Personality assessments seem to be all the rage lately. Instagram accounts, Subreddits, and Facebook groups centered around different personality types have all formed and they’re gaining plenty of traction.
People are beginning to seek self-growth and understanding, and they’re using different personality models to do it. So what are these different personality models? And why should we trust them to give us insight into ourselves?
Two of these models are the Big Five and 16-Personality Types. Both Big Five and 16-Personality offer personality insights that help people understand themselves and others. Whether you’re an employer looking to better understand candidates for an open position, a person trying to understand your friend, or just someone looking to understand yourself, personality models and assessments can give you a foundation for understanding people, which can help in every aspect of your life.
The Five-Factor Model, which is more commonly known as the Big Five, is the personality platform most commonly used for psychology studies and is widely considered the most scientifically validated.
Psychologists have identified 5 independent traits that do not correlate with each other across any population, each trait with its own causes and observable behaviors:
Each trait is represented by percentile, compared to the general population. For example, you may have higher Extraversion than 82% of the population, but higher Agreeableness than only 30% of the population.
The 16-Personality is one of the most well-known personality assessments. Based on the model of personality types developed by Katharine Cook Briggs and her daughter Isabel Briggs Myers, the 16-Personality model has become especially popular in modern workplaces to help companies better understand their employees.
This model has four distinct traits that represent differences in the way people think and behave:
Introversion (I) & Extraversion (E)
Intuition (N) & Sensing (S)
Feeling (F) & Thinking (T)
Perception (P) & Judging (J)16-Personality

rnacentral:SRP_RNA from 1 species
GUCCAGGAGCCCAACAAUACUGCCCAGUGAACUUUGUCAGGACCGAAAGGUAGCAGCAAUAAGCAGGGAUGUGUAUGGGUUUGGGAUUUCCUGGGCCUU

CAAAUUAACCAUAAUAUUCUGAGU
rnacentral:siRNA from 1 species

Curious about your type? Check out Crystal's 16-Personality Test.
Strengths and Weaknesses
No single model for personality is perfect. As with all personality assessments, there are areas in which the Big Five and 16-Personality each do well, and areas in which they can improve.
Strengths: The Big Five model has been studied by psychologists and is considered to have the most scientific validity and reliability. Big Five has been proven to have precise, accurate measurements for its individual traits.
Weaknesses: Because the results are so individual and unique, it can be tedious to draw general insights and advice from test results making the practical application of the knowledge very difficult. The trait Neuroticism is also tied most closely to negative social outcomes so people are more likely to be upset with their results in regards to this trait.
Strengths: 16-Personality provides insight into our own actions as well as those of others, which allows us to remain more empathetic and open-minded around other people. Helping us get along with those who would otherwise be much more difficult to interact with. By having a better understanding of ourselves and those around us, we’re much more likely to make decisions that sensitively account for personality differences.
Weaknesses: While many people have used and appreciated the model, it has been criticized for a few notable flaws:
- Limited scientific validity and reliability: because it was developed through clinical observation, rather than controlled research, there’s no concrete data to back-up personality claims.
- Each personality trait is represented as a binary “either or,” rather than a normal distribution (i.e. a bell curve), which is how traits are actually spread across a population. This can lead a lot of people to find the results inaccurate for their personality. For example, if someone is outgoing, but also enjoys spending time alone, they’d likely feel they were somewhere in the middle of being an introvert or an extrovert. However, the 16-Personality model would type them as one or the other.
- There is evidence showing some of the trait differences are not in fact mutually exclusive. People might not be “thinkers” OR “feelers”; they can be both.
When should each be used?
Because each trait is represented by a percentile, Big Five’s measurement tends to be extremely reliable, accurate, and useful for the study of individuals; however, it is not as useful for application in relationships, communication, and business. It is best used for individual personality assessments, population-level personality studies, and counseling or therapy.
The 16-Personality can be helpful for opening-up conversations about personality, creating a deeper understanding of one another, and bringing awareness to our behavioral differences. It is often used by employers to help gain a general understanding of their employees’ strengths and weaknesses.
Personality as a Tool for Understanding
As an eagerness to learn more about ourselves continues to grow, many people turn to personality models to give them an easy-to-understand, straightforward, accurate understanding of how they think, feel, and act. Because we are complex, deep people, learning about personality is not always simple but by using personality insights you can begin to know yourself and others more deeply and communicate more effectively.